Pale and Interesting: a review, of sorts
Unlike us, with our four children and our six dogs, my sister and her fella’ have no kids and no canines. Instead they have The Retreat, a 1930s artisan built timber chalet that stands in the middle of its very own wild-wood in the middle of nowhere. The Retreat had stood empty for half a lifetime before they took it on and was close to falling down. It eats more of their time and their money than our many children and dogs have ever consumed of ours. But it is their baby and they are lovingly, if ever so slowly, restoring it. And, with minimal help from professional builders and plenty of input from local craftspeople, they're doing most of the work themselves.
Rat-a-tat on The Retreat's front door with the custom-made-by-a-local-blacksmith acorn-and-oak-leaf door knocker, and you will be admitted to the perennial building site within. A dust sheeted, tool scattered, electrical wire festooned space which may surprise you if you arrive after dark, but not if you have come in daylight and observed the perennial building site without, strewn with piles of reclaimed oak cladding and assorted architectural detritus. “It will be lovely when it’s finished”, we all say, and I’m sure it will be. But, for now, they live for what they dream The Retreat can become while, quite literally, camping inside the charming if chilly shed that it currently is.
Every weekday morning they set off bright and early in their shiny company cars, my sister and her man, to tackle the long commute to their respective offices in a distant city. And every weekday evening, after the long drive home again, they tend to mundane chores and their vegetable garden. But come the weekend they swop their corporate wheels for a Land Rover that has seen better days, and their tailored suits for paint spattered coveralls, and then they happily hang out in architectural salvage yards, and home improvement stores, and up ladders, and under floors. They plan to make most of their own furniture when the work on the house is finally done. “It will be lovely”, they say. I wouldn’t have the patience!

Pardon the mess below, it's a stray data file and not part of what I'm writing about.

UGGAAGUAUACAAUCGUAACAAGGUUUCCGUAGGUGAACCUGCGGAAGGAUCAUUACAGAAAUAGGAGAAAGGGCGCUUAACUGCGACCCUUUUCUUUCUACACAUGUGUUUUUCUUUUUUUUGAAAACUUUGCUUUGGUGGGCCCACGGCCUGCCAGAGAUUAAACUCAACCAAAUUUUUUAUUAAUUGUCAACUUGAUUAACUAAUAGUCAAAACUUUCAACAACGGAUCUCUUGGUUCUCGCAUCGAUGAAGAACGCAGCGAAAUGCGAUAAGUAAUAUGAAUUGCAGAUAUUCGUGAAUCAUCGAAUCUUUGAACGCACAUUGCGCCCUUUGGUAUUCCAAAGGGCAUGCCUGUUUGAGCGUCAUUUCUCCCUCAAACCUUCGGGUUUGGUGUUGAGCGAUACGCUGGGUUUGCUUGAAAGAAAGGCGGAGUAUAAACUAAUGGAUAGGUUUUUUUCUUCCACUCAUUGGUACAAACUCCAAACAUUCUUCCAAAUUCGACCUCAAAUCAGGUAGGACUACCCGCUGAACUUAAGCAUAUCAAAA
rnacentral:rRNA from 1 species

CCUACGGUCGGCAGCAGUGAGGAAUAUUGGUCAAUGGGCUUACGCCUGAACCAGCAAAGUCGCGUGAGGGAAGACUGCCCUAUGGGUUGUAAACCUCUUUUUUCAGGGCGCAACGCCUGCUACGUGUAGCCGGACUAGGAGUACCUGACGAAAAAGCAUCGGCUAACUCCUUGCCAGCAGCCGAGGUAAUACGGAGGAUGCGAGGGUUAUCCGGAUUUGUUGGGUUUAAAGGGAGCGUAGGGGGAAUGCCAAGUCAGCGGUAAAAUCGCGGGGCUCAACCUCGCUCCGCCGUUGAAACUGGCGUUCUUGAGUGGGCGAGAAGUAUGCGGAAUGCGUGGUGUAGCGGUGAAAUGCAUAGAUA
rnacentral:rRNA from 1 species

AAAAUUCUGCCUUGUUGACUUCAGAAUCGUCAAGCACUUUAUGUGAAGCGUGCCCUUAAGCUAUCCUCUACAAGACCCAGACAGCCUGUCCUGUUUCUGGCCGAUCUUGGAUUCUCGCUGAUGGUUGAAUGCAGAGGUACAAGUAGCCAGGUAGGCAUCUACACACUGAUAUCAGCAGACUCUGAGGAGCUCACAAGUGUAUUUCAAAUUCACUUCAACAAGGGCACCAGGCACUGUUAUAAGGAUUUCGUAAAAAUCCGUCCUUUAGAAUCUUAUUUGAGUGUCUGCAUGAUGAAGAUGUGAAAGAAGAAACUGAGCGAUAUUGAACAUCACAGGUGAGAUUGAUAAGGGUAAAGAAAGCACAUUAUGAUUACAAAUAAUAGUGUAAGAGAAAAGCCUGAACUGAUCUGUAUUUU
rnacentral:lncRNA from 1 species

I suspect that my sister and I are from different planets. Show me a book with the word ‘Interiors’ on the cover and I shy away. She, on the other hand, is in heaven. So Atlanta Bartlett and Dave Coote’s Pale & Interestingseemed a suitable choice for her birthday present. But, before handing over this alien object, I sneaked a peek inside ...
If you ask me – I know you didn’t, but I’m just going to pretend that you did - Pale and Interesting peddles a stunningly styled and sumptuously photographed ... lie. And I'd say it's quite probable that Bartlett and Coote really are from a different, and far distant, planet. I must hope it’s the same one my sister hails from!
“Take inspiration from humble things”, the authors say, “make the most of what you’ve got”. Which is all well and good but I can only assume that their dictionary gives a somewhat different definition of humble to mine. And that they have more money and more space to 'make the most of ' than I can likely ever hope for. They seem to suppose that we all live in 'period' homes with ancient beams just waiting to be exposed, kitchens big enough to accommodate an 'island', and plenty of room for a replica shepherd’s hut at the bottom of the garden. And if Bartlett and Coote have really raised kids and wrangled dogs in similarly pale and interesting interiors then I’d hazard a guess that they've also had staff. Where are the marks left by the grubby little hands of children just in from playing out? Where are the paw prints? Where is the muddle of toys and school books and wellington boots that I associate with family life? Jeez, if I accessorised our home by throwing “a richly embellished sari over [one of the] beaten up leather armchairs” a whippet would probably eat it! And I can just imagine the outcry if I'd banned Ribena and Coca Cola, as Bartlett and Coote must surely have done.